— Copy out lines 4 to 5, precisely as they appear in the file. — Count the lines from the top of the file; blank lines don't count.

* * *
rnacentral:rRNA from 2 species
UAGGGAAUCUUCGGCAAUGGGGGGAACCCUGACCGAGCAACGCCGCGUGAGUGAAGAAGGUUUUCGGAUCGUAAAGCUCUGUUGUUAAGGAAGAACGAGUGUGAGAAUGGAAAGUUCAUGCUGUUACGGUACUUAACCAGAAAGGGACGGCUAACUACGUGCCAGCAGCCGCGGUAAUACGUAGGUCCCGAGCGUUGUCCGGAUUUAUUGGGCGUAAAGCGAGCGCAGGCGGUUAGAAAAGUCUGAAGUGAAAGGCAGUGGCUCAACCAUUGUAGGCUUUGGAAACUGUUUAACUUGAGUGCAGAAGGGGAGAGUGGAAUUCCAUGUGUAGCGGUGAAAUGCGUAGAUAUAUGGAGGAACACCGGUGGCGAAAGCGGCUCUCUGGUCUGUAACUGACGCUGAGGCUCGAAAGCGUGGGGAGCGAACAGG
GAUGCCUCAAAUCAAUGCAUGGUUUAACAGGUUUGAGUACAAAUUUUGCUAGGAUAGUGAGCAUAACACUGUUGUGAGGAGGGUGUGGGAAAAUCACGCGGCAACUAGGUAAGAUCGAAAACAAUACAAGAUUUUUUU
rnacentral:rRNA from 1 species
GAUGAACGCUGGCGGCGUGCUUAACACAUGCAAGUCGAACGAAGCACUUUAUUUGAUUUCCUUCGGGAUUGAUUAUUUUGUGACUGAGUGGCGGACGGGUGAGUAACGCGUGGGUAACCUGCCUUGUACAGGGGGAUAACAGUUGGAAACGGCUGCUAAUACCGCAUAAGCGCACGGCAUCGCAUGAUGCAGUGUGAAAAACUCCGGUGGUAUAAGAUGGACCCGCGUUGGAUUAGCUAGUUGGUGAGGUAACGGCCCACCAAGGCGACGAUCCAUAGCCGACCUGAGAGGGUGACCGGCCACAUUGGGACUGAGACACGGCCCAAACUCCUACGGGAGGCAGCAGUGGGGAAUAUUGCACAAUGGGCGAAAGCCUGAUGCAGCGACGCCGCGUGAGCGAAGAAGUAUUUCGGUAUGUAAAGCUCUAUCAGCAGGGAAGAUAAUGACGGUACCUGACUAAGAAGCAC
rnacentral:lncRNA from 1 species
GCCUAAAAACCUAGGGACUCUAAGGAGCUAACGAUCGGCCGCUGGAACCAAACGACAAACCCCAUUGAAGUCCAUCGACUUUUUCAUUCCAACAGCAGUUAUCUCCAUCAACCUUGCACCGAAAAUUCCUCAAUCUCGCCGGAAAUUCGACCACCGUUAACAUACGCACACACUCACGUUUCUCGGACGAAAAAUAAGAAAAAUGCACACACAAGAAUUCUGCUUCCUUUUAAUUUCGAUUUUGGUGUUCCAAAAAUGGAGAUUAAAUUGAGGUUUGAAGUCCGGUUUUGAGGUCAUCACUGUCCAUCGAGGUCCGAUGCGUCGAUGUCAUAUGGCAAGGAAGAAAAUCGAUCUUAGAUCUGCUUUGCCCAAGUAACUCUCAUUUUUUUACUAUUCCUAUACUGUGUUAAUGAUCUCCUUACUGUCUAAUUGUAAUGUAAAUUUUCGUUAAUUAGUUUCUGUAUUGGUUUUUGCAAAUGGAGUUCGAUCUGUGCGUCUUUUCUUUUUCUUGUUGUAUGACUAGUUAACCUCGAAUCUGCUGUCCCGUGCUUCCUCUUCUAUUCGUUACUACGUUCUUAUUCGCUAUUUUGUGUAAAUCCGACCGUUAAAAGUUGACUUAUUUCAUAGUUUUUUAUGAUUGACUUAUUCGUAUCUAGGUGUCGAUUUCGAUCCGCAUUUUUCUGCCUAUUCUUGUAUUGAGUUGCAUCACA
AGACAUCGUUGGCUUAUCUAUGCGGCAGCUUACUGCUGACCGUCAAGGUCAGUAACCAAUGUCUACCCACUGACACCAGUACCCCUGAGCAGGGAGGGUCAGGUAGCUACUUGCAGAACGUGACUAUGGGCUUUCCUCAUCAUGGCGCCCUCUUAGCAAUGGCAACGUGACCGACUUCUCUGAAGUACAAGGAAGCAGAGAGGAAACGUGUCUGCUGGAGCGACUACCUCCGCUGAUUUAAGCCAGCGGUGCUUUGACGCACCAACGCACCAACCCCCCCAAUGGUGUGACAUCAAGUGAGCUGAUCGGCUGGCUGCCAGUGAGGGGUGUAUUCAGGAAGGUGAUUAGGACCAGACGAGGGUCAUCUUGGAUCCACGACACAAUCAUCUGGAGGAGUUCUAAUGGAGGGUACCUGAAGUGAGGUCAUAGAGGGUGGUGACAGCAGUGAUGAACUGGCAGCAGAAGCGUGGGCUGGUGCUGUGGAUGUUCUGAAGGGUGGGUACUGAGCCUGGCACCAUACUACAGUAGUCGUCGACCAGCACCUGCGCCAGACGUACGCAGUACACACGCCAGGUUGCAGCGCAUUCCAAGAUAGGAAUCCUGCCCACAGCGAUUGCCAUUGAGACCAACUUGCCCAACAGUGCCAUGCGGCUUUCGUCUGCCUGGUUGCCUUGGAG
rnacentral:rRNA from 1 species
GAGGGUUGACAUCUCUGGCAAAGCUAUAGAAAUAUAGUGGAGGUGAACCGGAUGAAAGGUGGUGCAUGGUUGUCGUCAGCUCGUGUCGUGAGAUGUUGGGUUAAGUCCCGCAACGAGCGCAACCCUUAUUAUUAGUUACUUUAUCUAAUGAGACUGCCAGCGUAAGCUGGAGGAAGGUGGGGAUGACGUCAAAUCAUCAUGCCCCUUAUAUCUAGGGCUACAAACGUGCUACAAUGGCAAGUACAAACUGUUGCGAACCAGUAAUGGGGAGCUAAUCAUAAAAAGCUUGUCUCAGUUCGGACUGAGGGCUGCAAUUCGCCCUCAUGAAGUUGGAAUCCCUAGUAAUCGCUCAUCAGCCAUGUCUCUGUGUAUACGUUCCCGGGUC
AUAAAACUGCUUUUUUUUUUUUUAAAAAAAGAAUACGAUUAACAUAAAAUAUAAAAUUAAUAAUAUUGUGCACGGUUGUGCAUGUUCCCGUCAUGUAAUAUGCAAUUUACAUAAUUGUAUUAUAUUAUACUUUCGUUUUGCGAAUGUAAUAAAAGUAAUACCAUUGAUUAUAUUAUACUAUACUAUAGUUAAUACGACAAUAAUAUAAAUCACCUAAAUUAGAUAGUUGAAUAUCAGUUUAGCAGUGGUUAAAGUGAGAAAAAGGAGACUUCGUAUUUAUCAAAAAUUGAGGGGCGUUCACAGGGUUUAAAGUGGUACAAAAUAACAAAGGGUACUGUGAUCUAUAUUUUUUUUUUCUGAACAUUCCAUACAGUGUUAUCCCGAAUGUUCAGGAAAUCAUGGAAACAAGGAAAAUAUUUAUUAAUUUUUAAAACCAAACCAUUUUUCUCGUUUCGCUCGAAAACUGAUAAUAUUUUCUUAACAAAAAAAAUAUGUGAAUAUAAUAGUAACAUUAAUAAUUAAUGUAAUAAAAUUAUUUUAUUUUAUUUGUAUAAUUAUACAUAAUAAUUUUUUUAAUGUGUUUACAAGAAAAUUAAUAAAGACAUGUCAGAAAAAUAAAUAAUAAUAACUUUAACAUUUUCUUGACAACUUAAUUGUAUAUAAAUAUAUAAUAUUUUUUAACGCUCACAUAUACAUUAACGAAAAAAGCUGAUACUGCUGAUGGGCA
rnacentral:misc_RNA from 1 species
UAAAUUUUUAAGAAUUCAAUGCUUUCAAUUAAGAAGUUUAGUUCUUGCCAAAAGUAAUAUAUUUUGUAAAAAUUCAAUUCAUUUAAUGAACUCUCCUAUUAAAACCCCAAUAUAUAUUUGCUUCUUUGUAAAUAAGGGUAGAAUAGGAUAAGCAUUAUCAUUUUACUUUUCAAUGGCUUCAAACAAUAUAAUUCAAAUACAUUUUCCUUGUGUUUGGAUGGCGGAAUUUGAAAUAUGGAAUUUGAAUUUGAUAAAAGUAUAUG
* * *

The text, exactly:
rnacentral:rRNA from 1 species
GAUGAACGCUGGCGGCGUGCUUAACACAUGCAAGUCGAACGAAGCACUUUAUUUGAUUUCCUUCGGGAUUGAUUAUUUUGUGACUGAGUGGCGGACGGGUGAGUAACGCGUGGGUAACCUGCCUUGUACAGGGGGAUAACAGUUGGAAACGGCUGCUAAUACCGCAUAAGCGCACGGCAUCGCAUGAUGCAGUGUGAAAAACUCCGGUGGUAUAAGAUGGACCCGCGUUGGAUUAGCUAGUUGGUGAGGUAACGGCCCACCAAGGCGACGAUCCAUAGCCGACCUGAGAGGGUGACCGGCCACAUUGGGACUGAGACACGGCCCAAACUCCUACGGGAGGCAGCAGUGGGGAAUAUUGCACAAUGGGCGAAAGCCUGAUGCAGCGACGCCGCGUGAGCGAAGAAGUAUUUCGGUAUGUAAAGCUCUAUCAGCAGGGAAGAUAAUGACGGUACCUGACUAAGAAGCAC